Simitian studies Trump’s appeal

Daily Post Staff Writer

More than 200 counties that voted for President Obama at least once went on to vote for President Trump, and Palo Alto’s county supervisor wants to know why.

Joe Simitian, who represents Palo Alto on the Santa Clara County Board of Supervisors, took three week-long trips between February and June — on his own dime and without missing a board meeting, he added — to Robeson County, N.C., Macomb County, Mich., and Cambria County, Penn. to talk to voters who flipped in 2016.

Simitian is set to present his findings at Palo Alto City Council Chambers at 1 p.m. today (Sept. 16) in an event hosted by the American Association of University Women of Palo Alto and the League of Women Voters of Palo Alto.

Converted millions

“In order for President Trump to win the election, he had to convert somewhere between 6 million and 10 million Obama voters into Trump voters,” Simitian told the Post. “And while that might seem improbable to a lot of us here in the Bay Area and on the Peninsula, that’s what happened.”



Improbable, indeed: Simitian pointed out that while 46% of American voters chose Trump on election day, 32% of Californians, 21% of Santa Clara County residents and just 12% of Palo Altans did the same.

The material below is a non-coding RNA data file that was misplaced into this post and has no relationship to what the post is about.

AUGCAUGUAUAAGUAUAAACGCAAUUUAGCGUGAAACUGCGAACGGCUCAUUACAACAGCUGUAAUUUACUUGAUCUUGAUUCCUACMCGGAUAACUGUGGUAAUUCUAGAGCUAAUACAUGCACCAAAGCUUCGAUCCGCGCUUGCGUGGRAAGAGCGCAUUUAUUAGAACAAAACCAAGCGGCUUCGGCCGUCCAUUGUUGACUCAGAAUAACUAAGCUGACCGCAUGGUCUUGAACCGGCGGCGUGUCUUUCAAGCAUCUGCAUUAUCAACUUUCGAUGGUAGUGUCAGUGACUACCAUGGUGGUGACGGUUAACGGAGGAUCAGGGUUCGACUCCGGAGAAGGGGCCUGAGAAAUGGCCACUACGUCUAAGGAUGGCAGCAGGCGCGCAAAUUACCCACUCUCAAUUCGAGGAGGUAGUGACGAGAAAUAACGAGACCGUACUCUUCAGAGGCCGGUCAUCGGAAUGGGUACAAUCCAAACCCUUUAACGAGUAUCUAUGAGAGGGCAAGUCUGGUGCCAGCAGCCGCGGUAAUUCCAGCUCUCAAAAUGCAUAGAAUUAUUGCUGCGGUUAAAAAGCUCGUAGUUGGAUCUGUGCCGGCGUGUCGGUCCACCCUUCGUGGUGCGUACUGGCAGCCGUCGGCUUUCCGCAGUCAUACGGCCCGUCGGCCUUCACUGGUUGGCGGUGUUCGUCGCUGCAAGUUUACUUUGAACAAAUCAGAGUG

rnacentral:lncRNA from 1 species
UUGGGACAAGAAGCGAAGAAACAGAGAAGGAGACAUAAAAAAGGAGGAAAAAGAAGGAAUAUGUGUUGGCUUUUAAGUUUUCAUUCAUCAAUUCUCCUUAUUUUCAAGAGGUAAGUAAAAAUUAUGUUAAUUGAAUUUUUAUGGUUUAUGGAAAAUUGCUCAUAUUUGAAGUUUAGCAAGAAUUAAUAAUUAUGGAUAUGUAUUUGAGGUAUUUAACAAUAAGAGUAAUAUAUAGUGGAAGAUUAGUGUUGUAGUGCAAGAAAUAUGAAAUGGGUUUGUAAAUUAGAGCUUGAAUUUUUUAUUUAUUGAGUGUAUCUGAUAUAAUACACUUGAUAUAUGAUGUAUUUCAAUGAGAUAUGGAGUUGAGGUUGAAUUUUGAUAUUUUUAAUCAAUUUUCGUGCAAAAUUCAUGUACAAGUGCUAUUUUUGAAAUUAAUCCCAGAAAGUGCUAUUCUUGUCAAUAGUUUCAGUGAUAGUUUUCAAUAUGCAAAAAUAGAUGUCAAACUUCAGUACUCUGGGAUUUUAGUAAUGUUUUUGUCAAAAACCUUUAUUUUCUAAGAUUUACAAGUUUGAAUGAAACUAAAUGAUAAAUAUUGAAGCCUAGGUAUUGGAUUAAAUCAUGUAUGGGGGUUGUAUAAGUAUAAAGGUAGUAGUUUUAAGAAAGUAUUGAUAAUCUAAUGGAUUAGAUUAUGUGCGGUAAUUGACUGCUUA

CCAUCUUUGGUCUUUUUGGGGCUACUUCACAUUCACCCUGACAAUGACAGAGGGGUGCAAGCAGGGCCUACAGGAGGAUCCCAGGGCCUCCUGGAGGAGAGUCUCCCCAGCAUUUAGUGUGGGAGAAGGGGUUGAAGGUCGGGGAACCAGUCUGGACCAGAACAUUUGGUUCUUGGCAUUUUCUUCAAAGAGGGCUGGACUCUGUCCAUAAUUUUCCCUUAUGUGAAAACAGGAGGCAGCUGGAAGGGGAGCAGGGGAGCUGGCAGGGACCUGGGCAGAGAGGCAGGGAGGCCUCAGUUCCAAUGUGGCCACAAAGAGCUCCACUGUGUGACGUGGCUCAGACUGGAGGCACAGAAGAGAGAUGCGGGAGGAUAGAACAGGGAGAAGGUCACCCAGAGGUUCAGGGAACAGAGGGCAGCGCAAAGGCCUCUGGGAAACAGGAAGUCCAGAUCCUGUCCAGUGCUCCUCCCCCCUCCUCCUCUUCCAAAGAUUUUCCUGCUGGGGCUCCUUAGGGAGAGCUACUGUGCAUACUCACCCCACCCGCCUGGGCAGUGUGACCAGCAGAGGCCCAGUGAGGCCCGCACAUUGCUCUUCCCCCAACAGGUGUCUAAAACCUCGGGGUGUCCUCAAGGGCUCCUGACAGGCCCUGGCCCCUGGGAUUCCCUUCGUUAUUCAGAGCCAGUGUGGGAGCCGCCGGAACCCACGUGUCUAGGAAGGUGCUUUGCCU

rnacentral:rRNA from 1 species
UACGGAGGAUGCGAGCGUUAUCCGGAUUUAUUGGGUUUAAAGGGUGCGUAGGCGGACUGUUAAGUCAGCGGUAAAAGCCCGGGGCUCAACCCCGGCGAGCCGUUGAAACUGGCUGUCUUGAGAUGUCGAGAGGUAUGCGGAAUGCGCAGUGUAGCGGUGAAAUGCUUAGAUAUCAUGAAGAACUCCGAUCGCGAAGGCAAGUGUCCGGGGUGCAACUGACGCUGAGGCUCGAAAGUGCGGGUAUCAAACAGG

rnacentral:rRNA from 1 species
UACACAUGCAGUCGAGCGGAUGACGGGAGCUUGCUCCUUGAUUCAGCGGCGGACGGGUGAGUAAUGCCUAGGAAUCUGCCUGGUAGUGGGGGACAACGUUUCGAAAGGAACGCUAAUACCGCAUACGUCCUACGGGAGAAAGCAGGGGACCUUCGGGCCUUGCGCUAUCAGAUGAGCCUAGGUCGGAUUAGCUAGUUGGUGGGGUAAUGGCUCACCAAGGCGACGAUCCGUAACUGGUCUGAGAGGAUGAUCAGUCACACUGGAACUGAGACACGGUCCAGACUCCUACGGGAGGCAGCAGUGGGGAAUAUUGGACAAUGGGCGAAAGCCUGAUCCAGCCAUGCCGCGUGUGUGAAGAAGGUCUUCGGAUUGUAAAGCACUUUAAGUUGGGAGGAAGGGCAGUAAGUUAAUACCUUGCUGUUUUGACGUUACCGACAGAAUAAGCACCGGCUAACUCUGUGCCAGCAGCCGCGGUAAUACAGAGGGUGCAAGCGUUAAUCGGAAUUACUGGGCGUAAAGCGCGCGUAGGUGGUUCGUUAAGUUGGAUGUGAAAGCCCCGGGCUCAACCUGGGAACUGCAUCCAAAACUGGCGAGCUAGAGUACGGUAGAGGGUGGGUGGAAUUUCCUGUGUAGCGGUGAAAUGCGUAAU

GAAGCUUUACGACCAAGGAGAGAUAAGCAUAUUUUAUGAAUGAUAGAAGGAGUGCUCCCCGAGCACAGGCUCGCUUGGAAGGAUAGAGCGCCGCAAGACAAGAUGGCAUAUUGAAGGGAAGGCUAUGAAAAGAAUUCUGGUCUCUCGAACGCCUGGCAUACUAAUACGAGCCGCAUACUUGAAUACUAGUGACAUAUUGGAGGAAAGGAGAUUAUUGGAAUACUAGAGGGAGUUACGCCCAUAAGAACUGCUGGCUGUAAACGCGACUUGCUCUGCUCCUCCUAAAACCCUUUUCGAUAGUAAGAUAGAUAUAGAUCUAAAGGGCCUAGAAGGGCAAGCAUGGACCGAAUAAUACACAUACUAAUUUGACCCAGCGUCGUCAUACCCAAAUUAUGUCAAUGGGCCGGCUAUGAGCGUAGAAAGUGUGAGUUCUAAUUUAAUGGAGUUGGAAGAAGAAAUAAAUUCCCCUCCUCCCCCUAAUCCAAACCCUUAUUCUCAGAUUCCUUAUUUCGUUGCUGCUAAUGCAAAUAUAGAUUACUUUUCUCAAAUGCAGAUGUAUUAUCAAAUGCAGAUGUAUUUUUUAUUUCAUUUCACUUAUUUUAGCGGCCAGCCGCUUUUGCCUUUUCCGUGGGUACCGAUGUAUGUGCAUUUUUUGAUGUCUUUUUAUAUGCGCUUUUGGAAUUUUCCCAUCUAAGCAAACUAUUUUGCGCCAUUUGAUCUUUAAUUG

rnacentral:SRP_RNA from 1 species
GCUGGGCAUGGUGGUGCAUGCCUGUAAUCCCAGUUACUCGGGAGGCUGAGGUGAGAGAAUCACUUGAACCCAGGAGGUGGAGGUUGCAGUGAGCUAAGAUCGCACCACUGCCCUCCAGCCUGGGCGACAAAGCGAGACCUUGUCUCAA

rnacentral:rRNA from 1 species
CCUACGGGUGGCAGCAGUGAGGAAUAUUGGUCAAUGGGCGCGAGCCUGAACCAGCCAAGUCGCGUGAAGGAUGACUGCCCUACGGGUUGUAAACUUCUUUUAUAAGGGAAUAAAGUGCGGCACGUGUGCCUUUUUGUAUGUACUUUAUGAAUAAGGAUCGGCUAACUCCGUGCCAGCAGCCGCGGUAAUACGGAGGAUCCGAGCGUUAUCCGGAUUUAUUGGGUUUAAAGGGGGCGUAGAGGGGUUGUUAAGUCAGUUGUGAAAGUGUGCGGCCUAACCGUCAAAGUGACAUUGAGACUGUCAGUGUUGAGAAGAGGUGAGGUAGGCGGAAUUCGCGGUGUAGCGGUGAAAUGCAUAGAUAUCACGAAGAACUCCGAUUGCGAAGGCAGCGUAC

To Simitian, it became “readily apparent that the rest of the country really saw the election through very different eyes.”

Simitian chose the three counties because they were in different regions, had different characteristics, and all saw dramatic flips between 2008 or 2012 and 2016.

Robeson County is home to 135,000 people, about 70% of whom are Native American, black or Hispanic. Before the 2016 presidential election, Democrats outnumbered Republicans 5 to 1, Simitian said.

Cambria County, a coal and steel center, is about the same size, but is more than 90% white. In 2008, the county voted for Obama, but in 2016 Hillary Clinton “couldn’t crack 30%,” Simitian said.

Macomb County is larger at 850,000 people, more than 80% white and an auto industry center “where the ups and downs of the auto industry had been felt quite acutely,” Simitian said. With a more suburban, prosperous feel than the other two counties, “It looks very much like many places we might visit on the Peninsula,” Simitian said.

Antipathy toward Clinton

Simitian said he was surprised at the level of antipathy people felt toward Clinton, saying it was “really quite remarkable.” He heard less about terrorism, immigration, social issues and the Affordable Care Act than he expected, but much more about gender than he had imagined.



“A surprisingly large number of folks commented that the women in their community had a problem with voting for a woman as president,” Simitian said, noting that this was more common in areas with a strong military presence or Evangelical community.

When asked if he had gone on the trip to prepare for a future Congressional run, Simitian said no.

“At every level of government and in every one of our public institutions, people are struggling to solve real problems,” Simitian said. “I think understanding alone won’t get the job done, but I think without understanding, you’ve got no chance at all.”